The estate of former Michigan resident Jack Kevorkian recently settled with a museum over the ownership of artwork painted by notorious doctor. Having a trustworthy executor who can solve legal disputes such as these during estate administration is important.
The dispute arose when the estate sued the Armenian Library and Museum in Watertown, Mass. for the return of 17 paintings. The estate claimed that Kevorkian loaned the paintings to the museum. The museum countersued and claimed it owned the artwork. According to the estate's executor, the agreement allowed the museum to keep four paintings. The museum will return the remaining 13 paintings to the estate for the benefit of Kevorkian's heir, a niece living in Troy. The paintings, valued at greater than $2 million, feature disturbing images. Some were reportedly made using Kevorkian's blood.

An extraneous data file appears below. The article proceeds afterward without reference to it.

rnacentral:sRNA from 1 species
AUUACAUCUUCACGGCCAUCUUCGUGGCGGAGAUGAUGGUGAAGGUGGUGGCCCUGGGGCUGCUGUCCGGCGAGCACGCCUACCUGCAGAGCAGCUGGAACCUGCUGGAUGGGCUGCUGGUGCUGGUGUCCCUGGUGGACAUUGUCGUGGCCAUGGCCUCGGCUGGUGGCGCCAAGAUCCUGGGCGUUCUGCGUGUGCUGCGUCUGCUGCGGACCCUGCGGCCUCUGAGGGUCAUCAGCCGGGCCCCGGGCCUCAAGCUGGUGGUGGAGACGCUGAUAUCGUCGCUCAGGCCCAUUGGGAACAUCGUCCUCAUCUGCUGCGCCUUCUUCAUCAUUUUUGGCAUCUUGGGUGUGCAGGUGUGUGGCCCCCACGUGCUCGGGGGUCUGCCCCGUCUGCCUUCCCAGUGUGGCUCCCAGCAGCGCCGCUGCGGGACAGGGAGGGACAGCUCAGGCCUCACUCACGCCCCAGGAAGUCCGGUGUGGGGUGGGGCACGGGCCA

Kevorkian died in 2011. He entrusted the paintings to the museum in 1999 before his sentencing in his assisted-suicide trial. He served eight years of a 10-to-25 year sentence before his parole in 2007. Before his death, Kevorkian said he wanted the artwork returned to Michigan and his niece, according to the executor of Dr. Kevorkian's estate. The estate plans to offer the paintings for sale at art galleries after they are returned.
Having an executor with an understanding of the deceased person's legal rights and wishes is important when these types of issues come up. Taking the step of naming a trusted and informed executor helps to better ensure that one's final wishes regarding their estate will be fulfilled.
Source: The Detroit News, "Deal reached on $2 million in Kevorkian artwork," Mike Martindale, Oct. 5, 2012